|Publication number||US4556821 A|
|Application number||US 06/590,036|
|Publication date||Dec 3, 1985|
|Filing date||Mar 15, 1984|
|Priority date||Mar 15, 1984|
|Also published as||CA1219303A, CA1219303A1, DE3509248A1|
|Publication number||06590036, 590036, US 4556821 A, US 4556821A, US-A-4556821, US4556821 A, US4556821A|
|Inventors||John C. Cooper|
|Original Assignee||Rca Corporation|
|Export Citation||BiBTeX, EndNote, RefMan|
|Patent Citations (33), Non-Patent Citations (1), Referenced by (16), Classifications (9), Legal Events (5)|
|External Links: USPTO, USPTO Assignment, Espacenet|
The invention relates generally to color image display systems, and particularly to a system associating a deflection yoke assembly with a shadow mask type cathode-ray tube incorporating external shield means disposed along opposite sides of the tube and across the longitudinal axis behind the tube, while providing access to the deflection yoke assembly and the neck components.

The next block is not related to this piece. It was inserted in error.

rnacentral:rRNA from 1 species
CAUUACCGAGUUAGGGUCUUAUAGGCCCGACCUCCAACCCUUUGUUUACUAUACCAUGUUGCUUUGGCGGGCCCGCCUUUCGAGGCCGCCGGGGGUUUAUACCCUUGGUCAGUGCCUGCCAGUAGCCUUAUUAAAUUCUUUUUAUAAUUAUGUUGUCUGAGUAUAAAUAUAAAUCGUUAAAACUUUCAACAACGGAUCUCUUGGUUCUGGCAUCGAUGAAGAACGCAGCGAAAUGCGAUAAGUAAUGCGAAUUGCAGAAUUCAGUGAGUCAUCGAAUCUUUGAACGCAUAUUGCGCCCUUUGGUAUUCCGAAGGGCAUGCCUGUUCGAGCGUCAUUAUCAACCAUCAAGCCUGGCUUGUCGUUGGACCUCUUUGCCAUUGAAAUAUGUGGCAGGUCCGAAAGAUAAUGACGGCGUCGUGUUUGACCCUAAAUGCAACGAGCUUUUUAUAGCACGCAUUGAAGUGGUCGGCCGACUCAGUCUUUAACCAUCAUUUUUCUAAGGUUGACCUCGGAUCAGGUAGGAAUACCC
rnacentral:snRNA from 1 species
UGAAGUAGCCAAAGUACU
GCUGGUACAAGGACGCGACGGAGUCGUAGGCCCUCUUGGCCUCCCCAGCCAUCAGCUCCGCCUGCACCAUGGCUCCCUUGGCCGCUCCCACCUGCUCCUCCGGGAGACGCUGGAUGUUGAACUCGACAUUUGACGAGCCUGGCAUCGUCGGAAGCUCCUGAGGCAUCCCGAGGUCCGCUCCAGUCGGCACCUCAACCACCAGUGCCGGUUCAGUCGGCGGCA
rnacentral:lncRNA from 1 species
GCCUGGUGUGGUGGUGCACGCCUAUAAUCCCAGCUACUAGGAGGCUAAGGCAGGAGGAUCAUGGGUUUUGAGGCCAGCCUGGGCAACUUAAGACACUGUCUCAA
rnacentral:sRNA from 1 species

In a color image display system having a shadow mask type cathode-ray tube, a plurality of convergent electron beams are projected through a multi-apertured color selection shadow mask to a mosaic phosphor screen. The beam paths are such that each beam impinges upon and excites only one color of the color-emitting phosphor of the screen.